Figure 2. Correlative microscopy sample preparation method

From EBSD, Schmid factors of different slip systems can be calculated from the IPF maps acquired by the method above. Using the same IPF map as an example, as shown in Fig. 3, all the Mg primary slip systems (basal <a>, prismatic <a>, pyramidal I <c+a> and pyramidal II <c+a>) in each grain can be calculated and mapped.

Figure 3. The IPF map and the corresponding Schmid factor maps of Mg primary slip systems (basal <a>, prismatic <a>, pyramidal I <c+a> and pyramidal II <c+a>)

To correlate the Schmid factor with dislocation activities, EBSD and TEM were performed in the same area. As an example shown in Fig. 4, the compression direction is marked by the black arrows above the IPF map. The dark feature in the middle of each map is the perforated hole produced by electropolishing. Adjacent to the hole is the electron transparent area for both EBSD mapping and TEM imaging. In the EBSD maps, the grain of interest is unshaded, with the rest being partly greyed out.  Using the compression direction and the grain orientation from the IPF map, grain 2 Schmid factor can be unambiguously determined. The results could be further correlated with the dislocation images obtained from the TEM. In this case, microscale granular-level information can be directly correlated to the nanoscale dislocation activities.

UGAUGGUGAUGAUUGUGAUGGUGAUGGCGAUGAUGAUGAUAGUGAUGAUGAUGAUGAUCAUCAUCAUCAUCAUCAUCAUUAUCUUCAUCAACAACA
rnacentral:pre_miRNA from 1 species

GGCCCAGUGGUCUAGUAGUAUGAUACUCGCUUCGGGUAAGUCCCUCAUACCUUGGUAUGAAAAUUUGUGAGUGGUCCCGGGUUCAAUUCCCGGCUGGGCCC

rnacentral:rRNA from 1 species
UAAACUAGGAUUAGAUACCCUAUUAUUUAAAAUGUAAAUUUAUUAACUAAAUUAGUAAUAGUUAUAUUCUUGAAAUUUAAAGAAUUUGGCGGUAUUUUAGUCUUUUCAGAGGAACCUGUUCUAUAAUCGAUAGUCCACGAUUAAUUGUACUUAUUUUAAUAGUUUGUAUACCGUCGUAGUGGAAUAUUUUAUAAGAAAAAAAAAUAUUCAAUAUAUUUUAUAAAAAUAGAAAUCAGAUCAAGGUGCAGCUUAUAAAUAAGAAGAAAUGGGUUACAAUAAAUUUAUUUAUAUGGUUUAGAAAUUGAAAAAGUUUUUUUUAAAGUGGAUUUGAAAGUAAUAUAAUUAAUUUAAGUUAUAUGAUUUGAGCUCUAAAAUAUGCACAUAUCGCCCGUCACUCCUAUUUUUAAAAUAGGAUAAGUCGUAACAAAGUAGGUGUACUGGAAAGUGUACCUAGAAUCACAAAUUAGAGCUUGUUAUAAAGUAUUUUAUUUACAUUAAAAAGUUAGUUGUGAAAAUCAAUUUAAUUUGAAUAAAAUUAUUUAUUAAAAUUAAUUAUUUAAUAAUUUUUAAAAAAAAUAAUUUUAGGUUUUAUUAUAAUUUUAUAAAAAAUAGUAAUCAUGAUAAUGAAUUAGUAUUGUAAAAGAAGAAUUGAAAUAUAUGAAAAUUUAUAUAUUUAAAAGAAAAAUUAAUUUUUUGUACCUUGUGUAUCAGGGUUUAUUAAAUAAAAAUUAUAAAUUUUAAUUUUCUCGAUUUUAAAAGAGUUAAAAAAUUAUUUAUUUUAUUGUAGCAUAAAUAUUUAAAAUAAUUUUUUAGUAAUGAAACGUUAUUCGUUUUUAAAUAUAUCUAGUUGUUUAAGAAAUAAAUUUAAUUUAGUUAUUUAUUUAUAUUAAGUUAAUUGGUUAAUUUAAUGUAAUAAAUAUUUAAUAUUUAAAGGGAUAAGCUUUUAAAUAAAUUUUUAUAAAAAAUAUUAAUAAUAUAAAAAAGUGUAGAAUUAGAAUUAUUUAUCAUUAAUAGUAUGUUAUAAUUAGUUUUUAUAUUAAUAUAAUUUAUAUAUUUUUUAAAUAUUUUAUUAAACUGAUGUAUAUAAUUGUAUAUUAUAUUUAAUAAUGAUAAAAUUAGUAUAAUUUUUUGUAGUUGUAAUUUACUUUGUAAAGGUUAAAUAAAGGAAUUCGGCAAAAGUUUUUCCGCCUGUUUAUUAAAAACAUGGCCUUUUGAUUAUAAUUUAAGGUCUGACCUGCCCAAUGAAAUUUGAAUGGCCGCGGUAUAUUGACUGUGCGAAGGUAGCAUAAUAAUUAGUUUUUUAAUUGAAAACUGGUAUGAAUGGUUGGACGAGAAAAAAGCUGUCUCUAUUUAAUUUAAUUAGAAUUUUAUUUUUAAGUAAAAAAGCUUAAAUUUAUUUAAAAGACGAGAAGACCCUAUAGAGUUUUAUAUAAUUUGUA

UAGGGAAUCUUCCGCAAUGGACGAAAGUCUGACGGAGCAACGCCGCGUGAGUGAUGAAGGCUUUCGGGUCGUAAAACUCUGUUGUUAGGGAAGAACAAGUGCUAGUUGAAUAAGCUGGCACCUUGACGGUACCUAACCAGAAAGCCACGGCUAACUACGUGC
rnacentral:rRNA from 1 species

To reveal the dislocation characters, we performed careful tilting experiments in TEM and used g dot b = 0 invisibility criterion to separately illuminate <a> and <c> components. The g-vectors we used to illuminate dislocations are g = [0002] (all c-component will be visible) and g = [0110] (two-thirds of a-component will be visible). If a dislocation is visible under both g = [0002] and g = [01-10] conditions, it is of <c + a> in nature.